With regard to the Questions on the Paper, they are matters which have been engaging the attention of the Government ever since it came into office. Your Lordships will remember that the matter was raised at the Economic Conference last year. The noble Lord, Lord Strabolgi, stated that the Government went into that Conference without any preparation and without any policy. He appears not to have read the Paper produced and the statement made by the Chancellor of the Exchequer, which in fact dealt with this particular point. The Chancellor of the Exchequer on June 14, talking of the objectives of the United Kingdom Delegation in the financial sphere and the efforts which we hoped would be made—namely, to get a recovery in prices and greater stability in the relative value of currencies—said: There remains a third objective to which the United Kingdom Delegation attach the greatest importance—namely, the abolition of exchange restrictions. At the Stresa Conference held nearly a year ago"— that is to say, in 1932— and at many other international meetings resolutions have been passed condemning exchange restrictions in general terms. But the United Kingdom Delegation recognise that in practice exchange restrictions will not be abolished until the exchange difficulties which have given rise to them have been overcome. The United Kingdom Delegation trust that the Conference will take positive action to attain this end. A rise in wholesale prices of foodstuffs and raw materials, and an increase of world trade would contribute powerfully to reduce exchange difficulties, and would assist in bringing to an end both standstill arrangements in respect of short-term debts, and transfer difficulties as regards external indebtedness as a whole. The Chancellor went an to point out that the exchange and transfer difficulties would be greatly diminished by the resumption of normal international lending, and finally put forward as a positive proposal that the Conference should examine some means by which those countries which need financial assistance in order to enable exchange restrictions to be abolished could under appropriate conditions obtain it from those countries which possess an available surplus of gold reserves. In a sentence, the Government felt that exchange restrictions were the result, and not the cause, of the present world situation. The main cause, in the view of the Government, is the tremendous fall in prices, particularly of agricultural and primary products, with no corresponding fall in costs. That was clearly brought out by the noble Marquess opposite, and it is a view with which the Government entirely associates itself.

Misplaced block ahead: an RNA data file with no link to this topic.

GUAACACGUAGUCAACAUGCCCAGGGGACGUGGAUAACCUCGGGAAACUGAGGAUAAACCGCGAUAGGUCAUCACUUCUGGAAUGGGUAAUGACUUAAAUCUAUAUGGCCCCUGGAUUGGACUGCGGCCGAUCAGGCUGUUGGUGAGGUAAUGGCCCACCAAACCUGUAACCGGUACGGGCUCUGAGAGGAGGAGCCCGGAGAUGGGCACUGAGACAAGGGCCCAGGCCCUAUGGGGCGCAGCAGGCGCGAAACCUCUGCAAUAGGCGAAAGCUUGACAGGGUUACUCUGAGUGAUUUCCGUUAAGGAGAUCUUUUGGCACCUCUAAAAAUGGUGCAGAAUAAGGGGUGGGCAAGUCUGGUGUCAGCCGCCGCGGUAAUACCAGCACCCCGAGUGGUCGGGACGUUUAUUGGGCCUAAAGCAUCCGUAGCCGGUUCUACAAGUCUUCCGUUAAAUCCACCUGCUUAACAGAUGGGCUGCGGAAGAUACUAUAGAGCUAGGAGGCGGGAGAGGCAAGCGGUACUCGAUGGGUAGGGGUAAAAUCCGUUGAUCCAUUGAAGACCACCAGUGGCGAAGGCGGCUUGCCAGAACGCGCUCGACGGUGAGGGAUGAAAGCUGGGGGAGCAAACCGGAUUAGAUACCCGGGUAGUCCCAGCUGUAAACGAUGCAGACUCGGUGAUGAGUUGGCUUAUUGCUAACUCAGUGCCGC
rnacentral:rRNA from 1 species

There are three ways of obtaining an equilibrium in prices. The first is by depreciation of currencies in terms of gold so as to keep them stable in terms of goods. The second is by a policy of deflation designed to bring down costs into equilibrium with reduced prices, and the third is by an increase in prices brought about by concerted action between the various countries in their monetary and credit policy, and also by attacking the problem from another angle and reaching agreement for the regulation of output of primary commodities. The third policy is the one which has been followed by His Majesty's Government.